Been building various mix projects & phoenix apps to do various things, like executables, CLI dialogs, csv parsing, 3d model calculating, API fetching, web serving, etc.
Oooh, I’ve dreamed of similar before, especially one that would track multiple files at once.
So, just for the fun of it, I added multiple file tracking. It differentiates each file with a different color. If you pass more files than there are colors it’ll cycle over the color list. Colors can also be supplied via the command line as a comma separated list
Begin to restart on Elixir and Phoenix by building Some GIS-Event web application
- elixir + phoenix
- flutter (mobile)
In this period, trying to slowly bootstrap myself on nerves!
Made a (dumb) thing https://github.com/kpanic/nerves_morse just for fun
Recently I’ve been working on improving the
systemd integration for our single Elixir / Phoenix app that we’ve got running so far, as well as improving logging, fixing some data synchronization bugs, working on our deployment config a bit, etc.
All this is mostly to prepare for moving from a manual workflow, where operators have been entering data into forms in the web UI in order to handle particular types of requests, to an automated workflow where these requests will be entering the system via Kafka.
I’ll be exciting to start working a bit with Kafka going forward, so really looking forward to that!
I’m very new to Elixir (and still a beginner programmer).
I’m working through the Udemy course by Stephen Grinder and the Pragmatic Programmers course.
After I’ve learned a bit more about Elixir and Phoenix, I would like to create a simple CRUD application.
I find Elixir a friendly language. The syntax is quite nice (except for anonymous functions imho). Pattern-matching is awesome.
Rewrote Magnetissimo to be an umbrella application and cleaned the hell out of my crawlers to be much much more straightforward.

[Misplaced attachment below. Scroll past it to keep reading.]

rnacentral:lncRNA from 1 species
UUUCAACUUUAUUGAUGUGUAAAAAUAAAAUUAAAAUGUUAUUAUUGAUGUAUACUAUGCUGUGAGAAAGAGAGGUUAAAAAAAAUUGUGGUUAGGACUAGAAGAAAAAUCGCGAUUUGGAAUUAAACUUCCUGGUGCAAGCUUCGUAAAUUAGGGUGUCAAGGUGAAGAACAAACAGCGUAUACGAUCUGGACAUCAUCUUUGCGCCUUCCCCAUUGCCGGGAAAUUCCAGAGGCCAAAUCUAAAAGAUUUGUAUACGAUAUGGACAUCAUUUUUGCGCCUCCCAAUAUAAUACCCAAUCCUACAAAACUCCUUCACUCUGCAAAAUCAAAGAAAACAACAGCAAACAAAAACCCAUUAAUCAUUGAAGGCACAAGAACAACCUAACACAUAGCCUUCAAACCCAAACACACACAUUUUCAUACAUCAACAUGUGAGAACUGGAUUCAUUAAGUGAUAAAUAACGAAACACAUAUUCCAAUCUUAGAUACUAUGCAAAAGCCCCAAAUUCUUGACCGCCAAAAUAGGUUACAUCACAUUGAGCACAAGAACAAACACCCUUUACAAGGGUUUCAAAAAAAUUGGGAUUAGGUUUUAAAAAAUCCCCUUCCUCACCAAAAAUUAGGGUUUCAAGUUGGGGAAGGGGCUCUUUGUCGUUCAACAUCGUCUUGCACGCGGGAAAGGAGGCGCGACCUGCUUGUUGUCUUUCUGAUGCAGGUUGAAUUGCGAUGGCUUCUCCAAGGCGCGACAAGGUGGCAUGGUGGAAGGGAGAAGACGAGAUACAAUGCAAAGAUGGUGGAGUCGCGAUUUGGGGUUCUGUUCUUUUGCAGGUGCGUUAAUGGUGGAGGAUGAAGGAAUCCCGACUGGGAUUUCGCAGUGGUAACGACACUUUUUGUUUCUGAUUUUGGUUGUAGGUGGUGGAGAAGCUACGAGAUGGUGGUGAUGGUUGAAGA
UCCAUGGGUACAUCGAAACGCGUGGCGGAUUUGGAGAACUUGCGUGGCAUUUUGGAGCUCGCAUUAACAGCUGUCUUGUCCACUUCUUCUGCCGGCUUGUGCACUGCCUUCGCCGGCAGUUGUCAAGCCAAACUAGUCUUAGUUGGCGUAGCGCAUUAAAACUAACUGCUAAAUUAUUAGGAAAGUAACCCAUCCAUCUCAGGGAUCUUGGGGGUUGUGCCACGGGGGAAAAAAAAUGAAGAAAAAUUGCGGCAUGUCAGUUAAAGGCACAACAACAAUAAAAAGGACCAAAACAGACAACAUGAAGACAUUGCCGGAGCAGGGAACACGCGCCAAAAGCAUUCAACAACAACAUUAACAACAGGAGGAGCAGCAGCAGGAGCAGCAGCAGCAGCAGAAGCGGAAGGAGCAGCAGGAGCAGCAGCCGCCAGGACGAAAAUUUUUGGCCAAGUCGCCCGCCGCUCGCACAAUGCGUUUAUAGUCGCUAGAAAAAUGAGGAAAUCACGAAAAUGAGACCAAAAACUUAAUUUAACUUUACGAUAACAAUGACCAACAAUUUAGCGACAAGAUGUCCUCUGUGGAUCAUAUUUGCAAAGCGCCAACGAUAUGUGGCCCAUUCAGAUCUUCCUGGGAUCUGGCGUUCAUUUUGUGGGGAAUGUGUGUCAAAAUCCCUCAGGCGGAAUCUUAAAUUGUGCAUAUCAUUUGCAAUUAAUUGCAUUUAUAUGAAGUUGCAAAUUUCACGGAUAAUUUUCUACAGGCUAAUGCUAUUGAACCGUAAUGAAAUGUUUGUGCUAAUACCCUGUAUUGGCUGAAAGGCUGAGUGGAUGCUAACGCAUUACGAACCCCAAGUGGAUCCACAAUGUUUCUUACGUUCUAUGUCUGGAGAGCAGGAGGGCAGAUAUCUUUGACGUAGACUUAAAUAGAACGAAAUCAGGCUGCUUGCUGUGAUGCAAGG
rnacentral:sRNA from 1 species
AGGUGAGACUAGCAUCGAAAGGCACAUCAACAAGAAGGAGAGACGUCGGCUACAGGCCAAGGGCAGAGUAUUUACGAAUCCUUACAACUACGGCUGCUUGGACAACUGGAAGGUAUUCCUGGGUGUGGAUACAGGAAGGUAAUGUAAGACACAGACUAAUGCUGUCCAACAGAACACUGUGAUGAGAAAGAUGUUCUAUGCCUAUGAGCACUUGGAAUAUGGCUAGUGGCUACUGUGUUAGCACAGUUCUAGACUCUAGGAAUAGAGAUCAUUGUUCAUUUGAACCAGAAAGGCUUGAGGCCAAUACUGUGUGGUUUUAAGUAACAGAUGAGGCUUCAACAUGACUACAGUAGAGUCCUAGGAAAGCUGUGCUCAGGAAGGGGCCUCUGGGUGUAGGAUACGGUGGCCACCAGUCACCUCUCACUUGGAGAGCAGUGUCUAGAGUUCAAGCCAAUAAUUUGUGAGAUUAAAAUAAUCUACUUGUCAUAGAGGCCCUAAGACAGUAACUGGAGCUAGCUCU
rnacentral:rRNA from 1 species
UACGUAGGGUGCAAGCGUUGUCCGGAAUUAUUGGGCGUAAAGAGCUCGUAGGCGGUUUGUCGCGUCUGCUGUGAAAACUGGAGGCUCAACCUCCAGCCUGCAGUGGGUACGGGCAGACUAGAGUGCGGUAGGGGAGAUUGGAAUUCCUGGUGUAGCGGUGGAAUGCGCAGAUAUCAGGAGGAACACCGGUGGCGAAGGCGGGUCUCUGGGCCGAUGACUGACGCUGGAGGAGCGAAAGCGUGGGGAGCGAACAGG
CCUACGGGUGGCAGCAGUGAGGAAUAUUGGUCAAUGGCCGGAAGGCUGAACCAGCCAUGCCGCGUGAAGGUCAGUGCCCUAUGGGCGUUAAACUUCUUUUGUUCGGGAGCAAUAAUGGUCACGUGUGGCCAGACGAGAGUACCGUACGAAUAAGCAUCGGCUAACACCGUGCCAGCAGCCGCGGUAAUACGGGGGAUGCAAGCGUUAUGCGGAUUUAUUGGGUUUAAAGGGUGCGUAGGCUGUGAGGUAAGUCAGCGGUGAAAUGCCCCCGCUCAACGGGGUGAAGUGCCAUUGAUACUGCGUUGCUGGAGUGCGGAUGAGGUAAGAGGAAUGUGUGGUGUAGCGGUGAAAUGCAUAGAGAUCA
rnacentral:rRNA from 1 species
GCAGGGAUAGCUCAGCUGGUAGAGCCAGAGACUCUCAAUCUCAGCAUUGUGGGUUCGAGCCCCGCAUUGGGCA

I’m focusing on adding support for torznab so Radarr and Sonarr can integrate with it seamlessly!
I finished the Elixir/Phoenix course by Stephen Grinder on Udemy. It was a nice overview but a bit shallow. I’m also not that happy that it uses Phoenix 1.2.
I will continue with the Pragmatic Programmers course which is much more indepth and then continue with the book “Programming Phoenix”.
I do lots of code reviews, and we have a standard where you always type a jira task number of the first part of a commit message. I had developed quite a few batch files for making this a little easier, but I always had to copy and paste the shas and files when i wanted to specific a subset of files (like non-compiled typescript files from node). I decided to write an elixir escript to make things even easier. now I just run gittool.bat and it’ll provide me a list like this
0 2f6d3c37 Author Mon Mar 25 16:15:51 2019 -0400 XXX-100: ignore case gittool/gittool gittool/lib/gittool.ex 1 240a852a Author Mon Mar 25 15:55:44 2019 -0400 XXX-100: gittool gittool.bat log-filename.bat mremoterdp.xml mremoterdp.xml.20190325-1057108793.backup 2 1124030a Author Mon Mar 25 15:55:13 2019 -0400 XXX-100: gittool gittool/.formatter.exs gittool/.gitignore gittool/README.md gittool/config/config.exs gittool/gittool gittool/lib/gittool.ex gittool/mix.exs gittool/test/gittool_test.exs gittool/test/test_helper.exs
Now I have a list of all the files modified, who did it, when. Then I can just type the number of the commit I wish to inspect, and it’ll launch the default git difftool for each file in that commit. I haven’t made this one public yet, I still have some clean up and documentation to do. If you are interested in this let me know, if I get enough interest I’ll work on cleaning it up to make public.